Troop 501 Eagle Scouts

Andrew Jackson - 2011

Project: Recycle Bins at the World Bird Sanctuary

William "Billy" John Fisher, III - 2012

Project: Fire Truck Reading Center at Arnold Branch Library

Christopher "Blake" Hufford - 2013

Project: Flag Pole Installation and Beautification Project at New Hope United Methodist Church

Paul Morton Claeys - 2013

Project: Playground Renovation and Update; Construction and Installation of Benches at New Hope United Methodist Church's Preschool

Drew Vitello - 2014

Project: Development and Installation of interactive, 3-D, educational playground mural at New Hope United Methodist Church's Preschool

Building Fires


A safe fire is one on which nothing will burn except the fuel you feed your fire. It’s a spot from which flames cannot spread. Parks and Scout camps may have large metal rings, grills, or stone fireplaces. Use these existing sites whenever you can.

Otherwise, select a spot on gravel, sand, or bare soil well away from trees, brush, dry grasses, and anything else that might burn. Look overhead for branches that sparks could ignite. Stay clear of boulders that may be blackened by smoke, or large tree roots that might be harmed by too much heat.

Clean the fire site down to bare soil, then remove all burnable material from the ground around it. Rake away pine needles, leaves, twigs and anything else that might burn. Save the ground cover so you can put it back when you are done with your fire. Keep a pot of water close by to douse the flames should they begin to spread.

Bare Ground Fire Site

When the ground is bare, haul enough mineral soil to the center of the cleared circle to make an earthen pad about two feet square and three inches thick. Kindle the fire on top of the pad, and the mineral soil will protect the ground from the heat. After you have properly extinguished the blaze and disposed of any unburned wood, crush the remaining ashes, mix them with the mineral soil, and return it to the sites from which you borrowed it.

Gather Tinder, Kindling, and Fuel wood

Patience is the key ingredient for successfully building a fire. You will also need tinder, kindling, and fuel.

imagec001 Tinder catches fire easily and burns fast. Dry pine needles, grasses, shredded bark, and the fluff from some seed pods all make good tinder. So do wood shavings cut with a pocketknife from a dead stick. Gather enough tinder to fill your hat once. 




 imagec002 Dead twigs that are no thicker than a pencil are called kindling. Find enough to fill your hat twice.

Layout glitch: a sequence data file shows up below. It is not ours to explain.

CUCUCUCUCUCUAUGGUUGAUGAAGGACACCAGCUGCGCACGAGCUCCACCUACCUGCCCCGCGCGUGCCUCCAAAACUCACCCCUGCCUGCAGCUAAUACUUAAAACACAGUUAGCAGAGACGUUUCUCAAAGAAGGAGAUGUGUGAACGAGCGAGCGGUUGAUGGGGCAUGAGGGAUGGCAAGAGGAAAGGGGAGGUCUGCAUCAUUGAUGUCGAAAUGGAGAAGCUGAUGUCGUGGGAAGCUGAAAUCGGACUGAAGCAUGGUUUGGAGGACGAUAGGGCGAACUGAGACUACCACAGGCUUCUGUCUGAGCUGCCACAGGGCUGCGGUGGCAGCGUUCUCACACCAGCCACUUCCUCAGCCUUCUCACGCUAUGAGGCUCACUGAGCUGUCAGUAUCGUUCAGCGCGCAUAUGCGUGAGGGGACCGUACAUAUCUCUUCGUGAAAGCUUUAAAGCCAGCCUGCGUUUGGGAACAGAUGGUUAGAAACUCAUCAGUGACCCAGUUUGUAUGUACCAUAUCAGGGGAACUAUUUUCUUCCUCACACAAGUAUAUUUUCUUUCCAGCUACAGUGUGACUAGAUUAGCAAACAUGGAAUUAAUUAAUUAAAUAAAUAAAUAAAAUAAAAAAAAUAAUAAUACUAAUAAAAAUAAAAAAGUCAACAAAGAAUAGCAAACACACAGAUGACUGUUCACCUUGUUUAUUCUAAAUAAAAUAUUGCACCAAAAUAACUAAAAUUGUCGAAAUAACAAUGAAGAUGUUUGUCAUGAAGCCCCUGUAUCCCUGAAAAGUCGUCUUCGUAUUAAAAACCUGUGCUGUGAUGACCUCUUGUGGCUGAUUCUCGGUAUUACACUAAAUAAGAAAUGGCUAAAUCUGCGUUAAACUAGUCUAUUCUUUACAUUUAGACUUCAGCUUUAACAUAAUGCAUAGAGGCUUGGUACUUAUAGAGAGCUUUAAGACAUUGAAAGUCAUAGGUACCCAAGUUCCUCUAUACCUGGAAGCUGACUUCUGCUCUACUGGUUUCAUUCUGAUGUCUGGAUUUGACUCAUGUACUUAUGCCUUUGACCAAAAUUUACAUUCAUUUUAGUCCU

imagec003 Fuel wood can be as thin as your finger or as thick as your wrist. Use sticks you find on the ground and gather them from a wide area rather than removing all the downed wood from one spot. 




Lay the Fire

There are many ways to arrange tinder, kindling, and fuel so that the heat of a single match can grow into flames of a campfire. A tepee fire lay or log cabin is a good all-around method:

1.   Place a big, loose handful of tinder in the middle of your fire site.

2.   Mound plenty of small kindling over the tinder

3.   Arrange small and medium-sized sticks of fuel wood around the kindling as if they were the poles of a tepee. Leave an opening in the “tepee” on the side the wind is blowing against so that air can reach the middle of the fire.

4.   Ease a burning match under the tinder. The flame should rise through the tinder and crackle up into the kindling and the fuel wood above.



Fuzz Sticks
Fuzz sticks can help get a fire going. Cut shavings into each stick, but leave them attached. Prop the fuzz sticks upright in among the kindling.


A fireplace holds your cook pots above the flames and allows air to reach the fire.

Three-Point Fireplaces

For a single pot or pan, stick three metal tent stakes into the embers.

Wet-Weather Fire Tips

1.   Before the rain begins, gather tinder and kindling for several fires and store it under your dining fly.

2.   Keep a supply of dry tinder in a plastic bag.

3.   Split your wet sticks and logs with an ax The wood inside should be dry.

4.   Keep matches safe from dampness by carrying them in a plastic container with a tight lid.

5.   A butane lighter will give you flame in even the wettest weather. Store it away from heat.

Putting out a Campfire

Extinguish every fire when you no longer need it. Make sure it is cold out – cold enough so that you can run your hands through the ashes. Trickle, don’t pour water on the embers, steam is hotter than bioling water and ash will go everywhere if you pour. Stir the wet ashes with a stick and wet them again. Repeat until you can touch every part of the fire site with your bare hands.

Cleaning a Fire Site

Clean a permanent fire site by picking out any bits of paper, foil, and unburned food. Pack them home with the rest of your trash. If you made a new fire site, erase all evidence it was ever there. Scatter any rocks, turning their blackened sides toward the ground. Spread cold ashes over a wide area and toss away extra firewood. Replace any ground cover. When you’re finished, the site should look just as it did when you found it.

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